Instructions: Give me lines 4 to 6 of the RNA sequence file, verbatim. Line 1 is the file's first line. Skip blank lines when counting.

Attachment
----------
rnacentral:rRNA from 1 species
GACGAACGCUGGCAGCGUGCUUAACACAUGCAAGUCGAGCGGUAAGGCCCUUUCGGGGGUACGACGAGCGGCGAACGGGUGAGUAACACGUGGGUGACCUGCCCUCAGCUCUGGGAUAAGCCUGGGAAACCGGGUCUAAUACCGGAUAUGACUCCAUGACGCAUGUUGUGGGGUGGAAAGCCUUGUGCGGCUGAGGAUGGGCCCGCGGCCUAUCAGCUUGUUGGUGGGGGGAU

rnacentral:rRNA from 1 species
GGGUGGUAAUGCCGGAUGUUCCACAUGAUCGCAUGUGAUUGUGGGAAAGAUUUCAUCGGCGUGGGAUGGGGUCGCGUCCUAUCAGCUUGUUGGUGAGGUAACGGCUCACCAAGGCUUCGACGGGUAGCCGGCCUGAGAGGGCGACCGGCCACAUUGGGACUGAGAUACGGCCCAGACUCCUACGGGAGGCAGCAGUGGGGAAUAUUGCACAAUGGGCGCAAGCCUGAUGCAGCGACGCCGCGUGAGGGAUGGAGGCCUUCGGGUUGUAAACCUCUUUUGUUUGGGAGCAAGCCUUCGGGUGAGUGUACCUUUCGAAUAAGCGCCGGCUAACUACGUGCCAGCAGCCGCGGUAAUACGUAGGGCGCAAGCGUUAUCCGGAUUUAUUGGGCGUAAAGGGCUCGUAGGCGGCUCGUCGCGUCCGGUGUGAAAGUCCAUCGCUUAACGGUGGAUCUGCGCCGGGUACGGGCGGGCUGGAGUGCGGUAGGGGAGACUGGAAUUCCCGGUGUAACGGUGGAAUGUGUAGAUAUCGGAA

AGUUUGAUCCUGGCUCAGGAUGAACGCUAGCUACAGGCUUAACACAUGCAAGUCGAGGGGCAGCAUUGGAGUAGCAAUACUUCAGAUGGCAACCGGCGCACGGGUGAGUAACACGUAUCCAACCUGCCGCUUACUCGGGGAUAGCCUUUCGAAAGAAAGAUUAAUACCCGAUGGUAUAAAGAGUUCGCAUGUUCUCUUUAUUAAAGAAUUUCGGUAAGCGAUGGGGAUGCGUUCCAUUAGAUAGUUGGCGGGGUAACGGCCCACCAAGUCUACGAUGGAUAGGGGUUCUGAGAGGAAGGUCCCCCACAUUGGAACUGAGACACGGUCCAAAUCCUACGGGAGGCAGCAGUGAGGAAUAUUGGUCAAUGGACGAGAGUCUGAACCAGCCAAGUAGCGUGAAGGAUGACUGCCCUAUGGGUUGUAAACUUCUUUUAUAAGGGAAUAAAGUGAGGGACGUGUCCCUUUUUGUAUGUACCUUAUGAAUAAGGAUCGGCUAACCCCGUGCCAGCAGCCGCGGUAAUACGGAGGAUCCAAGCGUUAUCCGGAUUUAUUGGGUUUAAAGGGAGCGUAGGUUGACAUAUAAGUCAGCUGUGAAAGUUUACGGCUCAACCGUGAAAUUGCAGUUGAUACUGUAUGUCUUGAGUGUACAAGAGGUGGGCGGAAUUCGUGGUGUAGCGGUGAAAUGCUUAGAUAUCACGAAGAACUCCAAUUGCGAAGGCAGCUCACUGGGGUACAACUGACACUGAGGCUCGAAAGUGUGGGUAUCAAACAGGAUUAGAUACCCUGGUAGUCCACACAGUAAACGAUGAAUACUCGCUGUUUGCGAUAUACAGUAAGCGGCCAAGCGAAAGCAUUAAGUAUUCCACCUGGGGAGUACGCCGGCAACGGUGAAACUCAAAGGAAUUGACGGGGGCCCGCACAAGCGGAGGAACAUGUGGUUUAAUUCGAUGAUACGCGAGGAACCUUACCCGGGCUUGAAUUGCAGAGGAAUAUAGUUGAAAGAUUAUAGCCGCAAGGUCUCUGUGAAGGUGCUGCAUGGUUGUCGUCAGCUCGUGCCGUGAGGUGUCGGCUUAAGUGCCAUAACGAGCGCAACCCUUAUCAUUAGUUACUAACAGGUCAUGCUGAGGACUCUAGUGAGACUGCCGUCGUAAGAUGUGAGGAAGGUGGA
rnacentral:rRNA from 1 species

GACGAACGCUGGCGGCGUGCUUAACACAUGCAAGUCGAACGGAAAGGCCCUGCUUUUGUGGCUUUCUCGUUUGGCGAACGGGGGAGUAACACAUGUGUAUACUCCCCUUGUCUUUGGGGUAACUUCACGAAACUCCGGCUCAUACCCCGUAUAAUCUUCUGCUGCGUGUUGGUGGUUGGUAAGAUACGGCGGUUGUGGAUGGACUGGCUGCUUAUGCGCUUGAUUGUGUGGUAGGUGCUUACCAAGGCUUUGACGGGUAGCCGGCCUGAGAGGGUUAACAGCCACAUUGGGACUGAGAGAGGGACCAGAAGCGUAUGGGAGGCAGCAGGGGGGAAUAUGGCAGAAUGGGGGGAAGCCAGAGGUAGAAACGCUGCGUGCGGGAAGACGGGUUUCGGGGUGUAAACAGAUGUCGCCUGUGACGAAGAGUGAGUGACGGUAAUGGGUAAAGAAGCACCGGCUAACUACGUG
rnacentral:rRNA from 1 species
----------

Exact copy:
GGGUGGUAAUGCCGGAUGUUCCACAUGAUCGCAUGUGAUUGUGGGAAAGAUUUCAUCGGCGUGGGAUGGGGUCGCGUCCUAUCAGCUUGUUGGUGAGGUAACGGCUCACCAAGGCUUCGACGGGUAGCCGGCCUGAGAGGGCGACCGGCCACAUUGGGACUGAGAUACGGCCCAGACUCCUACGGGAGGCAGCAGUGGGGAAUAUUGCACAAUGGGCGCAAGCCUGAUGCAGCGACGCCGCGUGAGGGAUGGAGGCCUUCGGGUUGUAAACCUCUUUUGUUUGGGAGCAAGCCUUCGGGUGAGUGUACCUUUCGAAUAAGCGCCGGCUAACUACGUGCCAGCAGCCGCGGUAAUACGUAGGGCGCAAGCGUUAUCCGGAUUUAUUGGGCGUAAAGGGCUCGUAGGCGGCUCGUCGCGUCCGGUGUGAAAGUCCAUCGCUUAACGGUGGAUCUGCGCCGGGUACGGGCGGGCUGGAGUGCGGUAGGGGAGACUGGAAUUCCCGGUGUAACGGUGGAAUGUGUAGAUAUCGGAA

AGUUUGAUCCUGGCUCAGGAUGAACGCUAGCUACAGGCUUAACACAUGCAAGUCGAGGGGCAGCAUUGGAGUAGCAAUACUUCAGAUGGCAACCGGCGCACGGGUGAGUAACACGUAUCCAACCUGCCGCUUACUCGGGGAUAGCCUUUCGAAAGAAAGAUUAAUACCCGAUGGUAUAAAGAGUUCGCAUGUUCUCUUUAUUAAAGAAUUUCGGUAAGCGAUGGGGAUGCGUUCCAUUAGAUAGUUGGCGGGGUAACGGCCCACCAAGUCUACGAUGGAUAGGGGUUCUGAGAGGAAGGUCCCCCACAUUGGAACUGAGACACGGUCCAAAUCCUACGGGAGGCAGCAGUGAGGAAUAUUGGUCAAUGGACGAGAGUCUGAACCAGCCAAGUAGCGUGAAGGAUGACUGCCCUAUGGGUUGUAAACUUCUUUUAUAAGGGAAUAAAGUGAGGGACGUGUCCCUUUUUGUAUGUACCUUAUGAAUAAGGAUCGGCUAACCCCGUGCCAGCAGCCGCGGUAAUACGGAGGAUCCAAGCGUUAUCCGGAUUUAUUGGGUUUAAAGGGAGCGUAGGUUGACAUAUAAGUCAGCUGUGAAAGUUUACGGCUCAACCGUGAAAUUGCAGUUGAUACUGUAUGUCUUGAGUGUACAAGAGGUGGGCGGAAUUCGUGGUGUAGCGGUGAAAUGCUUAGAUAUCACGAAGAACUCCAAUUGCGAAGGCAGCUCACUGGGGUACAACUGACACUGAGGCUCGAAAGUGUGGGUAUCAAACAGGAUUAGAUACCCUGGUAGUCCACACAGUAAACGAUGAAUACUCGCUGUUUGCGAUAUACAGUAAGCGGCCAAGCGAAAGCAUUAAGUAUUCCACCUGGGGAGUACGCCGGCAACGGUGAAACUCAAAGGAAUUGACGGGGGCCCGCACAAGCGGAGGAACAUGUGGUUUAAUUCGAUGAUACGCGAGGAACCUUACCCGGGCUUGAAUUGCAGAGGAAUAUAGUUGAAAGAUUAUAGCCGCAAGGUCUCUGUGAAGGUGCUGCAUGGUUGUCGUCAGCUCGUGCCGUGAGGUGUCGGCUUAAGUGCCAUAACGAGCGCAACCCUUAUCAUUAGUUACUAACAGGUCAUGCUGAGGACUCUAGUGAGACUGCCGUCGUAAGAUGUGAGGAAGGUGGA
rnacentral:rRNA from 1 species